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Fourth Among Equals by Bill Rodgers

27 October 2007

I can’t use the ‘dead politicians’ tag on this post, since Lord Rodgers of Quarry Bank is still very much with us. TheyWorkforYou.com has a very nice profile of his most recent activity in the Lords, if you’re interested in such things.

Fourth Among Equals by Bill Rodgers

Bill Rodgers was one of the four founding members of the Social Democratic Party, the ‘Gang of Four’ as the press and the public soon dubbed them. Along with Roy Jenkins, David Owen, and Shirley Williams, Rodgers left the Labour Party in 1980 in response to the growing militancy of the Labour left and their trade union affiliates, particularly the creation of an electoral college that would have given the trade union block vote a definite and potentially deciding advantage on Party policy issues. They formed the Social Democratic Party, specifically distancing themselves by name from the word ‘labour’, which had lost its public appeal in the wake of the strikes and general social discontent of the late 1970s.

Rodgers was never as public a figure as his colleages. Roy Jenkins had name recognition as a former Home Secretary, Chancellor of the Exchequer, and European Commissioner, and had the carefully cultivated air of an elder statesman; David Owen had been the youngest Foreign Secretary ever, with a fiery style and a flare for the dramatic that served him well in debates in the Commons; and Shirley Williams was a committed European-ist and, well, a woman. (Which is not to underestimate her political abilities in the slightest — it is merely a reflection of politics at the time, for when Harold Wilson placed her in his Cabinet in the mid-1970s, his Cabinet was the first to have contained the grand total of two women.) Even the book’s title shows Rodgers’ wry acceptance of his position in the SDP’s collective leadership, since the title is a play on the idea of the Prime Minister as being primus inter pares (‘first among equals’). If his choice of words is a ploy to lend credibility to his idea of himself as being a sort of detached observer of the meteoric rise and rapid decline of the SDP…well, for the most part, it seems to work in his autobiography.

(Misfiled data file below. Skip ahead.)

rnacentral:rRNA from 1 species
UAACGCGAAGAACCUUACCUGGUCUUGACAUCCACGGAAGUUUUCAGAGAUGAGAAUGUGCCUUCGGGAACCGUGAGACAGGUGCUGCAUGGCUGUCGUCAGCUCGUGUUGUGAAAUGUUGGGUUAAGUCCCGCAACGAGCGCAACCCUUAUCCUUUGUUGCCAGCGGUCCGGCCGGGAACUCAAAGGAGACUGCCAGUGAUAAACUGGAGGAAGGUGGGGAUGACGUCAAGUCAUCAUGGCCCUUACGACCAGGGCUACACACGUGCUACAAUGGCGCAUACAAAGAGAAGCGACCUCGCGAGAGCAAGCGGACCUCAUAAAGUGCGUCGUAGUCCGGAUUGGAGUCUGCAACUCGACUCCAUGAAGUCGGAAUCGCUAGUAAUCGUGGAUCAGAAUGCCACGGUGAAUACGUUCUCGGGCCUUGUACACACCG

The book starts off as many political memoirs do — the sense of community of the town where he was born, the family relationships and early connections to political life, the experiences that shaped his concept of politics, anecdotes of his time in National Service and at Oxford. (And like many memoirs, the section dealing with Rodgers’ time at Oxford University rather devolves into a list of ‘Eminent People I Might Have Once Seen Whilst Walking Through The Streets’.) Rodgers was a member and would later become a General Secretary of the Fabian Society, that wild-and-crazy pamphlet-producing hotbed of intellectual socialism. What Rodgers does succeed in creating from this long life story is a sense that breaking ties with the Labour Party was not at all an easy choice for him to make. The rise and decline of the SDP would take another book to explain fully, but Rodgers tells his side of the story with rather more regard for balanced opinion than what I’ve read from David Owen and Roy Jenkins. I actually found the parts where Rodgers talks about his work as a Liberal Democrat life peer in the House of Lords to be more interesting than the tales of SDP in-fighting and drawn-out political bargaining with David Steel’s Liberals.

So where do I stand on this book? It’s made me want to go back and reread David Owen’s memoirs (which I haven’t yet posted my review of here) to see where the two men disagree on what happened to the SDP. As a political memoir, it’s very readable and far less tiresome than some other memoirs I’ve read. But I can’t quite decide if the sense of disquiet I was left with when I closed the book was due to the sad story of the demise of the Gang of Four, or the strangely fatalistic calm with which Rodgers recounted it.

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